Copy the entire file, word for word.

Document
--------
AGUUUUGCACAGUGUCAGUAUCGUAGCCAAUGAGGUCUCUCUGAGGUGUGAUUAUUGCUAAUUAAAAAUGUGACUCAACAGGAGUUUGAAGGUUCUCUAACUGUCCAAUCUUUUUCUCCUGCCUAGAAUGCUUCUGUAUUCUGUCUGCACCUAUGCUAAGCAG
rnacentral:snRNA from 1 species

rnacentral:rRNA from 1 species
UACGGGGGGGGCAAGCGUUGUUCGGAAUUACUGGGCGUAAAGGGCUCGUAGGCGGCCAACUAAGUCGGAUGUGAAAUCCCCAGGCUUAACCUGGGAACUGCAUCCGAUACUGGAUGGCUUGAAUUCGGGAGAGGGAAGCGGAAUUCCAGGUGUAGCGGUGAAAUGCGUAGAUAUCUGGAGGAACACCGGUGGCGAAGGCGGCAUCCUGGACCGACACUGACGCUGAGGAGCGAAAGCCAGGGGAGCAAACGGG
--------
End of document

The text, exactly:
AGUUUUGCACAGUGUCAGUAUCGUAGCCAAUGAGGUCUCUCUGAGGUGUGAUUAUUGCUAAUUAAAAAUGUGACUCAACAGGAGUUUGAAGGUUCUCUAACUGUCCAAUCUUUUUCUCCUGCCUAGAAUGCUUCUGUAUUCUGUCUGCACCUAUGCUAAGCAG
rnacentral:snRNA from 1 species

rnacentral:rRNA from 1 species
UACGGGGGGGGCAAGCGUUGUUCGGAAUUACUGGGCGUAAAGGGCUCGUAGGCGGCCAACUAAGUCGGAUGUGAAAUCCCCAGGCUUAACCUGGGAACUGCAUCCGAUACUGGAUGGCUUGAAUUCGGGAGAGGGAAGCGGAAUUCCAGGUGUAGCGGUGAAAUGCGUAGAUAUCUGGAGGAACACCGGUGGCGAAGGCGGCAUCCUGGACCGACACUGACGCUGAGGAGCGAAAGCCAGGGGAGCAAACGGG